CEM REPORT | Medical and Dental Consultants Association of Nigeria (MDCAN), has said that Nigeria is not producing enough doctors to replace the ones lost to other countries.
The association adds that the exodus of highly skilled Nigerians, most especially doctors to greener pastures is majorly as a result of the government’s refusal to pay health professionals the budgeted hazard allowance.
According to Dr Olusola Ibiyemi, Chairman of the association, inadequate funding, poor salary, unconducive working environment, and insecurity, among others are also factors discouraging health workers to continue offering their services in the country noting that Nigeria currently has a deficit of 315,426 medical doctors it requires to cater for the health needs of its teeming population.
“Between 2021 and 2022, about 727 Nigerian doctors migrated to the UK, a country with over 9000 Nigerian doctors also working.
“Last week, doctors in some institution like Federal Medical Centre, down tools to press home their request for government to address understaffing and its stress on provision of healthcare services.
“We already have doctors moving out of the country, now we have a situation where we are not producing doctors to replace them; that is where we have found ourselves in the last 7 years.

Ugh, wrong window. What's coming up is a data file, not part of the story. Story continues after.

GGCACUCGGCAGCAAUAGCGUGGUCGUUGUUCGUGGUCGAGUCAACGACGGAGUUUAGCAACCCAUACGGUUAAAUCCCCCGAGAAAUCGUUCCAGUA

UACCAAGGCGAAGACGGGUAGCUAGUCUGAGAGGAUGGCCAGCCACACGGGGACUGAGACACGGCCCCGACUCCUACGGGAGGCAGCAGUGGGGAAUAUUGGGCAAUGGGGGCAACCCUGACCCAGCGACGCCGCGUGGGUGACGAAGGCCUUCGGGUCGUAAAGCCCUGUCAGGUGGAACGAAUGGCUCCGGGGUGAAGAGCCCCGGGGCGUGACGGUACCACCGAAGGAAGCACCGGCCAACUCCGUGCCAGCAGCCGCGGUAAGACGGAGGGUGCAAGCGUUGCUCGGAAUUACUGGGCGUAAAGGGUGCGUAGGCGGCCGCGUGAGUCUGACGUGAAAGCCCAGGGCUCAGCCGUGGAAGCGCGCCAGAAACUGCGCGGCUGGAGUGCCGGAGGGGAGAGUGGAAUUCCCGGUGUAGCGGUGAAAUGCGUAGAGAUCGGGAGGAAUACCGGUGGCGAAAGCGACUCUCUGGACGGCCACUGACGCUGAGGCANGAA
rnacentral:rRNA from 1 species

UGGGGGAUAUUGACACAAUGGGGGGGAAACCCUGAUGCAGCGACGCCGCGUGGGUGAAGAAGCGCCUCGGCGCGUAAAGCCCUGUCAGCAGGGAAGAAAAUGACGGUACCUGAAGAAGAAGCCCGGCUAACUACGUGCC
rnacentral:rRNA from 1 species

“Currently at UCH, Ibadan, if you ask the resident doctors, they will tell you that they don’t know if the next person they are talking with is actually on his way to the airport to leave for another country to work.”
Dr Ibiyemi, who spoke at a media briefing to mark the commencement of the association’s annual general meeting in Ibadan on Monday, discredited the statement of the Minister of Health.
“The Health Minister coming out to say that we have enough doctors and other healthcare workers is a political one; the exodus of doctors out of Nigeria is so high.
He added that ASUU strike was also a high contributing factor to intending doctors leaving the country adding that it slows down the training of medical students.
“One of our assignments as MDCAN is to provide training. When ASUU is on strike, it affects the teaching of medical students. And that is why we are joining our voice to that of well-meaning Nigerians to ask that the government should find an amicable solution to the stroke.”
Dr Obajimi, MDCAN UCH branch’s vice chairman said the attrition of specialist doctors in the country is also low and other doctors also leave Nigeria under the excuse of wanting to have professional training abroad.
“In my department, Obstetrics and gynaecology, we have about 11 senior registrars and almost all of them have applied for training as registrars in the UK. The issues are how do we mitigate this to keep Nigerian doctors in Nigeria. We certainly cannot influence people’s choices; anybody is free to live in any part of the world.”
Recall a CEM report earlier in August where the Minister of Health, Osagie Ehanire said that the ratio between medical practitioners relocating aboard and those in the country is quite enormous noting there won’t be a shortage.
He added that about three thousand (3000) doctors are produced in the country annually.